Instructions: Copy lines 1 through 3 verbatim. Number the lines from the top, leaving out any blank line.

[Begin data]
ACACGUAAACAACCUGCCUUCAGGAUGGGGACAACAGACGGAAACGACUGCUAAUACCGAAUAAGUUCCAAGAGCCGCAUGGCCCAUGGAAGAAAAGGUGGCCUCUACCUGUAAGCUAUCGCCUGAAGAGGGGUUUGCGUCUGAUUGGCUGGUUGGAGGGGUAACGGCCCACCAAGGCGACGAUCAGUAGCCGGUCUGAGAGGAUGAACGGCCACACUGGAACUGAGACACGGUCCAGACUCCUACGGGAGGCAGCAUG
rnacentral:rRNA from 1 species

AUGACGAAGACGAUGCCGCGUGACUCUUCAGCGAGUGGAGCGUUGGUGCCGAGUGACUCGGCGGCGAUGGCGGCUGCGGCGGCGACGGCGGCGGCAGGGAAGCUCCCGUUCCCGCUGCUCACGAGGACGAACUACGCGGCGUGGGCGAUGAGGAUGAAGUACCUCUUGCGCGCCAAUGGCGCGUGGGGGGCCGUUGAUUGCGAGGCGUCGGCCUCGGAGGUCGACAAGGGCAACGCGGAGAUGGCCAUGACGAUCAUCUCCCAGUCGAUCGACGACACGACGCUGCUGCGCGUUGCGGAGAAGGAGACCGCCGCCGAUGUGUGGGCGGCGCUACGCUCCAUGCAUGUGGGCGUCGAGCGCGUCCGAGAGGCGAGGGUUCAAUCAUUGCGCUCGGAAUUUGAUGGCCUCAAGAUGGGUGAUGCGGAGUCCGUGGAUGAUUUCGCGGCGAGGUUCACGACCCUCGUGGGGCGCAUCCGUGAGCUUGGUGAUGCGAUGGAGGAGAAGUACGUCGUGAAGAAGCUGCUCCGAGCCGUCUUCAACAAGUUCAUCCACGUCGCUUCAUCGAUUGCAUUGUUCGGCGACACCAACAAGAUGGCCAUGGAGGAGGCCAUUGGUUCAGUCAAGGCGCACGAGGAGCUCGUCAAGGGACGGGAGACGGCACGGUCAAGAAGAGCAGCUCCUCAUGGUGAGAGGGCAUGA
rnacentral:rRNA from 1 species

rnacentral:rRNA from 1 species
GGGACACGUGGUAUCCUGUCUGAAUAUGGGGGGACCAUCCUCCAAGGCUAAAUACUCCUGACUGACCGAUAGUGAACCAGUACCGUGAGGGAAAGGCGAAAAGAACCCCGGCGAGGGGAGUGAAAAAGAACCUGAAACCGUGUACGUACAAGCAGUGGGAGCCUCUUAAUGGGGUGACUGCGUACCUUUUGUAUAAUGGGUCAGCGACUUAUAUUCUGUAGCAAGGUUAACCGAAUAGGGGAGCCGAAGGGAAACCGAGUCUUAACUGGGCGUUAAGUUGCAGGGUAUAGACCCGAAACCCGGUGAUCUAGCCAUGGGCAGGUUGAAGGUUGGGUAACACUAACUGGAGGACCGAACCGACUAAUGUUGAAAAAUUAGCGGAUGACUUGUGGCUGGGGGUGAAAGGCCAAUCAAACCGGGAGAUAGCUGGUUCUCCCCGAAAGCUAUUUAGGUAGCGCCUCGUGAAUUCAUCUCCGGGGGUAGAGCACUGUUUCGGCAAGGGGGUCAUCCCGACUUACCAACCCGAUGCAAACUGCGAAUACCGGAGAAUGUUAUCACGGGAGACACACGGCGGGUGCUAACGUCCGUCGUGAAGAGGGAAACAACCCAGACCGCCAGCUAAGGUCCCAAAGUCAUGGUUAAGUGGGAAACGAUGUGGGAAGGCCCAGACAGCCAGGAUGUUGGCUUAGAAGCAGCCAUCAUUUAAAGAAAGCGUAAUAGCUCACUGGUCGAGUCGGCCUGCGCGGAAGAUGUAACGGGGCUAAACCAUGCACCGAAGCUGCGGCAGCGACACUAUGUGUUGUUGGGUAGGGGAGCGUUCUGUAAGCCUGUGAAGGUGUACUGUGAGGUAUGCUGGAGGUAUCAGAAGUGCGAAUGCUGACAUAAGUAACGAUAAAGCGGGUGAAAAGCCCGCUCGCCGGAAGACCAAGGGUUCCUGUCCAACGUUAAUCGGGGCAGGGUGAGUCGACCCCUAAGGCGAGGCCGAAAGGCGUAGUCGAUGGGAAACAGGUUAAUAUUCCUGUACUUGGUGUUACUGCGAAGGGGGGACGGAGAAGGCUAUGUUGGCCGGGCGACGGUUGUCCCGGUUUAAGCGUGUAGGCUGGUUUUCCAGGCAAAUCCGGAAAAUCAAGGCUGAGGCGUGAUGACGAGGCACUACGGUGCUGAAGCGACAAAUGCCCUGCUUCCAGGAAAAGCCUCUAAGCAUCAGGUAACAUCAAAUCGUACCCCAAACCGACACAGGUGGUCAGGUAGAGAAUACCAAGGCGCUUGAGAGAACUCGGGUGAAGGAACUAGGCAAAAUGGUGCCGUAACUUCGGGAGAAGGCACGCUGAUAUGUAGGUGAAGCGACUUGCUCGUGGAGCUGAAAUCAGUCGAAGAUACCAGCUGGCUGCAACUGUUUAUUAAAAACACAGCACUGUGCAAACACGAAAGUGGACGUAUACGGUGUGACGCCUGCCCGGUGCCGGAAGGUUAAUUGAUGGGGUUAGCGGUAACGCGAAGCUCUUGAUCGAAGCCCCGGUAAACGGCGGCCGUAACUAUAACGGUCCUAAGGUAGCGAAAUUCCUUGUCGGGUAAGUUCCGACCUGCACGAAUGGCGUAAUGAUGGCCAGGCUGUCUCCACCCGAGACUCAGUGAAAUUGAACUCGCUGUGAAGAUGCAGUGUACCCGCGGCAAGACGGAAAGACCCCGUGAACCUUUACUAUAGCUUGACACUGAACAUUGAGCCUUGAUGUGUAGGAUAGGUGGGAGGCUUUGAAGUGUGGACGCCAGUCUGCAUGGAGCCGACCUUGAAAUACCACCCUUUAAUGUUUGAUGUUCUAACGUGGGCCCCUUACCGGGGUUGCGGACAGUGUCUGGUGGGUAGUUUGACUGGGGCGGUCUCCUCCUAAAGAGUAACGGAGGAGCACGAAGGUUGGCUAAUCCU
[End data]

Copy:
ACACGUAAACAACCUGCCUUCAGGAUGGGGACAACAGACGGAAACGACUGCUAAUACCGAAUAAGUUCCAAGAGCCGCAUGGCCCAUGGAAGAAAAGGUGGCCUCUACCUGUAAGCUAUCGCCUGAAGAGGGGUUUGCGUCUGAUUGGCUGGUUGGAGGGGUAACGGCCCACCAAGGCGACGAUCAGUAGCCGGUCUGAGAGGAUGAACGGCCACACUGGAACUGAGACACGGUCCAGACUCCUACGGGAGGCAGCAUG
rnacentral:rRNA from 1 species

AUGACGAAGACGAUGCCGCGUGACUCUUCAGCGAGUGGAGCGUUGGUGCCGAGUGACUCGGCGGCGAUGGCGGCUGCGGCGGCGACGGCGGCGGCAGGGAAGCUCCCGUUCCCGCUGCUCACGAGGACGAACUACGCGGCGUGGGCGAUGAGGAUGAAGUACCUCUUGCGCGCCAAUGGCGCGUGGGGGGCCGUUGAUUGCGAGGCGUCGGCCUCGGAGGUCGACAAGGGCAACGCGGAGAUGGCCAUGACGAUCAUCUCCCAGUCGAUCGACGACACGACGCUGCUGCGCGUUGCGGAGAAGGAGACCGCCGCCGAUGUGUGGGCGGCGCUACGCUCCAUGCAUGUGGGCGUCGAGCGCGUCCGAGAGGCGAGGGUUCAAUCAUUGCGCUCGGAAUUUGAUGGCCUCAAGAUGGGUGAUGCGGAGUCCGUGGAUGAUUUCGCGGCGAGGUUCACGACCCUCGUGGGGCGCAUCCGUGAGCUUGGUGAUGCGAUGGAGGAGAAGUACGUCGUGAAGAAGCUGCUCCGAGCCGUCUUCAACAAGUUCAUCCACGUCGCUUCAUCGAUUGCAUUGUUCGGCGACACCAACAAGAUGGCCAUGGAGGAGGCCAUUGGUUCAGUCAAGGCGCACGAGGAGCUCGUCAAGGGACGGGAGACGGCACGGUCAAGAAGAGCAGCUCCUCAUGGUGAGAGGGCAUGA